NASA has hired Lockheed Martin to build a supersonic passenger jet that can quietly break the sound barrier. There hasn't been a supersonic plane in commercial service since the retirement of Concorde in 2003.
NASA announced on Tuesday that it had awarded a $247.5 million (€201 million) contract to American aerospace firm Lockheed Martin Aeronautics to build a quieter supersonic aircraft called the "X-plane."
The contract, which runs through 2021, allows for the design, building and testing of a passenger plane prototype "that reduces a sonic boom to a gentle thump," the US space agency said in a statement.
The experimental plane "will cruise at 55,000 feet (almost 17,000 meters) at a speed of about 940 miles per hour (1,513 kilometers per hour) and create a sound about as loud as a car door closing, 75 Perceived Level decibels (PLdB), instead of a sonic boom."
The precise speed varies depending on conditions, but 940 mph is well over 100 mph faster than the sound barrier.
"It is super exciting to be back designing and flying X-planes at this scale," said Jaiwon Shin, associate administrator of NASA's Aeronautics Research Mission Directorate. "This X-plane is a critical step closer to that exciting future."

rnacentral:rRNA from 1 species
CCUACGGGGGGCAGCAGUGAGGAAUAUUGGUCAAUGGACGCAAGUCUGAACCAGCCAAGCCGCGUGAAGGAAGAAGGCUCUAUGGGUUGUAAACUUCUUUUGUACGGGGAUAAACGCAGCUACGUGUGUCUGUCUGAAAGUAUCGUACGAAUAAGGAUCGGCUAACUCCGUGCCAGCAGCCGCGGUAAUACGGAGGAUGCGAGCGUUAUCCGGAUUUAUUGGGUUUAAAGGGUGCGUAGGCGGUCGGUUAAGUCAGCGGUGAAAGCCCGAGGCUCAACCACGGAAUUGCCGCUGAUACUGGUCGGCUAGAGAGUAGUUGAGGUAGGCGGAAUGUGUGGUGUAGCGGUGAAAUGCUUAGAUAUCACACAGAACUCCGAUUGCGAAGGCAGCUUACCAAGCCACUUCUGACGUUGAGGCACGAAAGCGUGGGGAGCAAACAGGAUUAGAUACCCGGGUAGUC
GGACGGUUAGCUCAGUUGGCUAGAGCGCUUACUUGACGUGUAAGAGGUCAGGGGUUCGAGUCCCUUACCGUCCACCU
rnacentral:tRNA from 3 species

Rule changes needed
Lockheed Martin was first contracted to design the X-plane for NASA in 2016. Construction of the plane will take place at the Lockheed Martin Skunk Works facility in Palmdale, California — where the U-2 and SR-71 Blackbird spy planes were built.
Passenger seats are not yet part of the project, however. The company must first show it is possible to fly a quiet supersonic aircraft. Then, the US' Federal Aviation Administration would have to change rules in order to allow for supersonic flights over land.
The firm expects to conduct the first X-plane flight in 2021. By mid-2022, NASA said it plans to "fly the X-plane over select US cities and collect data about community responses to the flights."
Several other aerospace firms, including Virgin Galactic, Spike Aerospace and Boom Supersonic, are also working on bringing back supersonic transport.
Supersonic aircraft have not been used commercially since Concorde, a British-French turbojet-powered airliner, was retired in 2003 after 27 years of service. In 2000, 113 people were killed when an Air France Concorde flight en route to New York crashed in Gonesse, France shortly after takeoff from Charles de Gaulle airport in Paris.
The Tupolev Tu-144, a Soviet-made supersonic plane, was the only other supersonic aircraft to enter commercial service.
dv/msh (AFP, dpa)